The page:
Formal plans for a £125 million second reservoir at Cheddar – the first of its kind in England for a generation – have been submitted to Sedgemoor District Council.
If approved by both planning and regulatory authorities, the Bristol Water project will see a 9,400 million litre reservoir built close to its existing counterpart.
A decision on the planning application is expected in spring next year.
The new reservoir could be fully operational by 2025, filled by surplus winter water flows in Cheddar Gorge.
Bristol Water says that extensive analysis and planning has demonstrated that the new reservoir is needed to meet growing demand for water.
The proposed site was chosen as a preferred solution following extensive and detailed technical studies and stakeholder consultation on possible options, with an initial list of 53 possible sites being whittled down to one.
"Cheddar Reservoir Two offers the most cost effective solution that is deliverable in terms of environmental and geological considerations," said project spokesman Jeremy Williams.
"We believe that, apart from providing vitally needed water supplies, it will also offer major recreational and conservation benefits."
The company has staged two phases of public consultation this year.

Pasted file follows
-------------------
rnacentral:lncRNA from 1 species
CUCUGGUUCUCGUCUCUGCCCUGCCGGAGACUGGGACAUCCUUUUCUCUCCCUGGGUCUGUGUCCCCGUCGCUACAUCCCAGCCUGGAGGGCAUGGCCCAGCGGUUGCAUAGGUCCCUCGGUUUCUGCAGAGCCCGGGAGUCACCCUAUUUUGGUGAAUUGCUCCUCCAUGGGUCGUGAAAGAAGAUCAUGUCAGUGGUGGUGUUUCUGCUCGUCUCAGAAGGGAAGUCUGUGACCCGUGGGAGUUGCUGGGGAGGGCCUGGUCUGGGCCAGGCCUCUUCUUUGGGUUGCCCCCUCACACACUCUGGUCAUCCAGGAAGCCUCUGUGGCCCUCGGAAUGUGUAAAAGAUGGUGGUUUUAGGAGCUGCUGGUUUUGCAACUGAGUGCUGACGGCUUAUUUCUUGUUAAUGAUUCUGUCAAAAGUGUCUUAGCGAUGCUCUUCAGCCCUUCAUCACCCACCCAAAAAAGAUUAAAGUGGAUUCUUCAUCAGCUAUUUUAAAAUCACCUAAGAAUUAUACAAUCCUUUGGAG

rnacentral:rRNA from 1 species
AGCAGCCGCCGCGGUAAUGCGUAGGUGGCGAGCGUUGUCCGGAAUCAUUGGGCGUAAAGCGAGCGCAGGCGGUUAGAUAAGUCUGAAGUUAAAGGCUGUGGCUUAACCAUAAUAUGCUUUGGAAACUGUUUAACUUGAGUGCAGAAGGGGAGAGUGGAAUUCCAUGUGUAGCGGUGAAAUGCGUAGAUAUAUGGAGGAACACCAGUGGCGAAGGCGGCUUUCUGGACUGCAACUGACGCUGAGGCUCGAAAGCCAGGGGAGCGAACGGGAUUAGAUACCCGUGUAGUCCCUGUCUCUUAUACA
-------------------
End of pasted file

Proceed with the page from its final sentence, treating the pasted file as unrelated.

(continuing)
Around 800 people attended six public exhibitions, and more than 280 feedback forms were received.
"The whole consultation process has been very positive and constructive, with a majority more than satisfied with our proposals," said Mr Williams.
The company has promised to pay close attention to construction traffic.
It will plan when vehicles can move and will work to minimise their impact on road surfaces.
A public consultation into the scheme found that traffic was the biggest concern, followed by the impact on nature and farmland.
Bristol Water supplies more than one million people with water in a 2,400 square kilometre area stretching from Tetbury in the north, to Burnham in the south and east to Wells and Shepton Mallet.
It is committed to building the new reservoir without causing any lasting adverse impact on its existing Site of Special Scientific Interest (SSSI) at Cheddar and says it will ensure that the new reservoir becomes even more important for biodiversity than the existing one.
The new reservoir will also become an SSSI.
The existing reservoir is an important site for wildfowl, including over-wintering diving ducks, coots and grebes.
It has one of the largest flocks of wintering pochard in England Wales, and is regionally important for gadwall, goldeneye and great crested grebe.
It also provides food for up to 2.500 wintering coots, the largest flock in Somerset.